for ρ < R and [a3 31 K m (q1 ρ) + a4 F1 K m (q2 ρ)]eimϕ ψ(ρ) = a3 32 K m+1 (q1 ρ) + a4 F2 K m+1 (q2 ρ) ei(m+1)ϕ (6)

3. Results and discussion

for ρ > R, where the constants a j , j = 1, . . . , 4, are determined from the continuity of the wavefunction and its derivative and from the normalization condition. Here κ = k1,+ (E, L + h), q = k2,+ (E, L + h)/i, q1 = k1,+ (E, L)/i, and q2 = k2,+ (E, L)/i. We also introduced the following notation:

3.1. The energy spectrum

Below we consider only the single-particle energy spectrum. For a many-electron system in the quantum dot this means that we disregard the inter-electron interactions. At a given radius R, a TI quantum dot has a finite number of localized energy levels in the conduction and valence bands. The number of levels in the quantum dot increases with radius R. In figure 2 the energy levels with angular momentum m = 0, 1, and 2 are shown as functions of the quantum dot radius. The energy levels follow the general tendency: with increasing R the absolute value of the level’s energy decreases. The interlevel energy separation also decreases with increasing R. For a given angular momentum m there is a critical size (cr) of the quantum dot Rm , so the energy levels with angular momentum m exist only if the radius of the dot is larger than (cr) the critical one, R > Rm . For the conduction band, the critical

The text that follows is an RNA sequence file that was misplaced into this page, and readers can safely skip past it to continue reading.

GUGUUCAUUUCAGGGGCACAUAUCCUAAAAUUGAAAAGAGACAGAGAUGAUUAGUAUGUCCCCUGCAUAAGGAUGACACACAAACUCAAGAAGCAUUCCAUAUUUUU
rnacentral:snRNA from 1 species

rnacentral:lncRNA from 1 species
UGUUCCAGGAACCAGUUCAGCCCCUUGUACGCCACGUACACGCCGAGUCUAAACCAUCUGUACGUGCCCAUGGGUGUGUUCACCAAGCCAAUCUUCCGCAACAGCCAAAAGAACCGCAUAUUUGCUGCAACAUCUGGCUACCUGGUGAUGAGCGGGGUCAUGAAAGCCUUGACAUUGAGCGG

Q 1 = − A2 κ, Q 2 = (D1 + B1 )π 2 /(L + h)2 + (D2 + B2 )κ 2 − E, M1 = − A2 q, M2 = (D1 + B1 )π 2 /(L + h)2 − (D2 + B2 )q 2 − E, 31 = A2 q1 , 32 = (D1 + B1 )π 2 /L 2 − (D2 + B2 )q12 − E, F1 = A2 q2 , F2 = (D1 + B1 )π 2 /L 2 − (D2 + B2 )q22 − E. 3

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to the lowest energy state at momentum m f = m i + 1 in the conduction band. The number of peaks is equal to the number of different angular momenta in the valence band. For example, at R = 100 nm, the states in the valence band exist at only two different angular momenta, m i = 0 and 1. In this case there are two main peaks B1 and B2 in the interband absorption spectra. Similarly, at R = 200 nm, there are three main peaks B1 , B2 , and B3 . There are also peaks B4 and B5 , which have almost the same frequency as B1 and B2 but smaller intensity. The intensities of the peaks of the multi-peak absorption spectra decrease with increasing angular momentum of the initial state. In figure 5 the intraband optical spectra are shown for different quantum dot sizes. The optical spectra each consist of one main peak A1 , which corresponds to the transition from the lowest state in the conduction band with angular momentum m i = 0 to the lowest state in the conduction band with angular momentum m f = 1. There is also a higher energy satellite optical line A2 with low intensity, which corresponds to the transition from the lowest state with m i = 1 to the lowest state with m f = 2. Thus, the intraband optical spectra have mainly a single-peak structure with the frequency, which varies with the radius of the quantum dot and is in the range of 30–70 meV.

Figure 2. The energy levels of the conduction band (positive energies) and valence band (negative energies) are shown as functions of the quantum dot radius R. Only the levels with angular momentum m = 0, 1, and 2 are shown. (cr)